The Southern California city of Huntington Beach is currently covered with crude oil from a pipeline breach. It may be jarring to see officials rushing to save a California beach from a crude spill, but the city’s culture has been awash in oil for decades. You can look no further than the local high school mascot.
Huntington Beach High School’s team name is the Oilers, and its logo is a drilling derrick. The school is not sheepish about its mascot, either. Its website is HBOilers.com, where the school cheerily notes, “Do not be fooled by our laid-back, beach atmosphere; Oilers put in work.” On its phone voicemail, a woman cheerily says “Go Oilers!” Huntington Beach High School’s mascot is an oil worker clad in orange and black named Derrick. (Get it?) Jeremy Deaton, an alum of the high school, said on Twitter that the school’s colours were even orange for the California sunset and black for oil. It’s… a lot.
Deaton grew up in the city and graduated from Huntington Beach High School in 2013. “As a teenager, I actually thought it was great, not because I was a fan of oil, but because I liked that our high school had a mascot that was rooted in our city’s history,” he said in a text message. “Lots of high schools have mascots that have nothing to do with anything — lions and vikings and so on. So, it genuinely felt special.”
He didn’t think much about environmental issues as a teenager, which isn’t shocking, considering how much fossil fuel propaganda gets into school curricula and how little climate education kids in school receive. Today, he’s steeped in these issues and thinks it’s time to change the mascot.
“I think it’s significant that the high school maintains the oiler as its mascot, both because the school exists to serve young people–who are most imperiled by climate change — and because the school has been around for so long that a lot of the city’s history is invested in that particular institution,” Deaton said.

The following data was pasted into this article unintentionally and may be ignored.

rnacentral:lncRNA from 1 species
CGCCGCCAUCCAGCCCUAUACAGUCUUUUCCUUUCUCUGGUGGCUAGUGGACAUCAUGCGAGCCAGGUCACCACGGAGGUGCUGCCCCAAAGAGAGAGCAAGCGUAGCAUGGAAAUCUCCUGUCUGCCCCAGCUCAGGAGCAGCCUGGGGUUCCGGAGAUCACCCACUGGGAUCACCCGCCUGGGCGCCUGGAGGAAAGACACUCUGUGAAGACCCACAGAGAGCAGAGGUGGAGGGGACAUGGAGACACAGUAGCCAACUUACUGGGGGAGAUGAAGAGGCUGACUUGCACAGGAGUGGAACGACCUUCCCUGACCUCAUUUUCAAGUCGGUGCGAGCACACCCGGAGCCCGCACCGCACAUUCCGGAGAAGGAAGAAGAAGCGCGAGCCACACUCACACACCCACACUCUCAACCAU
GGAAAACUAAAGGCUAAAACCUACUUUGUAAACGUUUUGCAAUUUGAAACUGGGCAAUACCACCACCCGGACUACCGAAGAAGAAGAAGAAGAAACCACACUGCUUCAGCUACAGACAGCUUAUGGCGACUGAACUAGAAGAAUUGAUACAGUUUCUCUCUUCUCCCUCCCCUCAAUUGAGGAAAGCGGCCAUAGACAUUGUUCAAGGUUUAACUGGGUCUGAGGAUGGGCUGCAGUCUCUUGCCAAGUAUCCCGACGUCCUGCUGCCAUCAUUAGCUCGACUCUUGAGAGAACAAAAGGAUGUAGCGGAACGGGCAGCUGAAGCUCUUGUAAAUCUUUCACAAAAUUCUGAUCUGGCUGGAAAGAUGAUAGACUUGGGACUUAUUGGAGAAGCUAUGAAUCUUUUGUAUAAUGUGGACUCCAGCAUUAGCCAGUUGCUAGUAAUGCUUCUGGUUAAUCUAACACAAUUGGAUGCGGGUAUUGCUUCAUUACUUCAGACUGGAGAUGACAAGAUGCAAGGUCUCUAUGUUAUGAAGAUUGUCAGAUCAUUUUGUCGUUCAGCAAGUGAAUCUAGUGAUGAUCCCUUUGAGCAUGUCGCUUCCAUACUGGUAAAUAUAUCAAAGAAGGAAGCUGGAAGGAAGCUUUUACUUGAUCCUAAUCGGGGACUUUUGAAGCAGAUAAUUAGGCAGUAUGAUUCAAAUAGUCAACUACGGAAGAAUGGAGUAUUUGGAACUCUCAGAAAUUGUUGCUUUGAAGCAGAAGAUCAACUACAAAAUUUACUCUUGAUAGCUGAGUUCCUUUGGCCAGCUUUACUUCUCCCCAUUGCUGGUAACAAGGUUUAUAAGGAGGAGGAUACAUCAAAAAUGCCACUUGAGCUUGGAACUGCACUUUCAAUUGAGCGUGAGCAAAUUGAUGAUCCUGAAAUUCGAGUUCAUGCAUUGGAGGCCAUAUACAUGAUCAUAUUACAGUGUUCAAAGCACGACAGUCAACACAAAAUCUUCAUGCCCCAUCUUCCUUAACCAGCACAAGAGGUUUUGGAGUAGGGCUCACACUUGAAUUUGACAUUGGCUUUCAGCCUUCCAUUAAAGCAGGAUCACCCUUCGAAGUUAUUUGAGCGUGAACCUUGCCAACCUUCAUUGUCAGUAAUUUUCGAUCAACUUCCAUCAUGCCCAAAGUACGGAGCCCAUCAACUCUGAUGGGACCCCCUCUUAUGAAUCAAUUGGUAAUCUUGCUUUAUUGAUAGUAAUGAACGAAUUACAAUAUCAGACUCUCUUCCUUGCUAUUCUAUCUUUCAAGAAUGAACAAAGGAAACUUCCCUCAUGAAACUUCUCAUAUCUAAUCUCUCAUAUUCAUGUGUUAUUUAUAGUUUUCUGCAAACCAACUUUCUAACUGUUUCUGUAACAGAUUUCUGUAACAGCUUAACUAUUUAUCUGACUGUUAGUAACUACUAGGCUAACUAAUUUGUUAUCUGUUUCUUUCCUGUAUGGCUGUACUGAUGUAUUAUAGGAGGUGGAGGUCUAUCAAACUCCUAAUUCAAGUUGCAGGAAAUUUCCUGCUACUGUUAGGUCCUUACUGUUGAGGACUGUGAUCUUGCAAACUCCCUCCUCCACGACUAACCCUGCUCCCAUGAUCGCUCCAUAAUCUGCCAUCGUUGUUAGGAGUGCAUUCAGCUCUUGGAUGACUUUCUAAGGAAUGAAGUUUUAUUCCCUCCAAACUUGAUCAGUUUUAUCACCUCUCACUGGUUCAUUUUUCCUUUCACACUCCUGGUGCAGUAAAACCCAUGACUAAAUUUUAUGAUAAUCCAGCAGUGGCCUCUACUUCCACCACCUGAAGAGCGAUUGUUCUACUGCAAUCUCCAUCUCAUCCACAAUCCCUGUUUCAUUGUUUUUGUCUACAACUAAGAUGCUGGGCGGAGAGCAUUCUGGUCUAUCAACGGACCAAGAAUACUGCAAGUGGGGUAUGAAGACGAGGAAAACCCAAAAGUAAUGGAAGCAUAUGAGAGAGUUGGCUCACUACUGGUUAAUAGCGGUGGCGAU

Oil played a major role in shaping Huntington Beach. The region has been a fossil fuel hub for a century. In the 1910s, oil was discovered beneath the beach, and soon after, Standard Oil began extracting it. The industry sparked the town’s population growth, giving it the nickname Oil City.
But oil isn’t the only aspect of Huntington Beach’s history. The city helped build part of NASA’s Saturn V rocket, which was used to get a man on the moon for the first time. “It also has produced some of the best surfers in the world. So there’s a lot to be proud of,” Deaton said.
Even before this past weekend’s spill, the fossil fuel sector’s local legacy has been far from all rosy. It’s also been a source of toxic air pollution and planet-warming greenhouse gases. This isn’t the area’s first big leak, either; an oil tanker ruptured in 1990, unleashing 1,476,310 l of oil. (There are plenty of other ones as well.) Then, as now, the spill threatened wildlife and sensitive ecosystems along a key bird migration corridor.
“It’s weird that we choose to celebrate oil, which actually threatens — as demonstrated this week — so much of what makes HB a wonderful place: the pristine beach, surf culture, the Bolsa Chica wetlands,” said Deaton. “I mean, the Huntington Beach Conference and Visitor’s Bureau has trademarked the name ‘Surf City.’ You can’t surf if the ocean is covered in oil.”
I don’t mean to suggest that Huntington Beach is responsible for the fossil fuel sector’s hold on California, but romanticizing an industry that threatens local communities and habitats is not the move. With the need to wind down the industry growing more urgent, the school’s mascot could soon be obsolete anyway. But there’s no need to wait for that day to come. Huntington Beach High School, if you’re reading this, be proactive. The rockets, the surfers, or the dolphins are all there for the taking if you want to root a mascot with deep local history and legacy. Oil isn’t the only option.
“I think it’s important as a statement of which parts of our history we decide to honour,” said Deaton.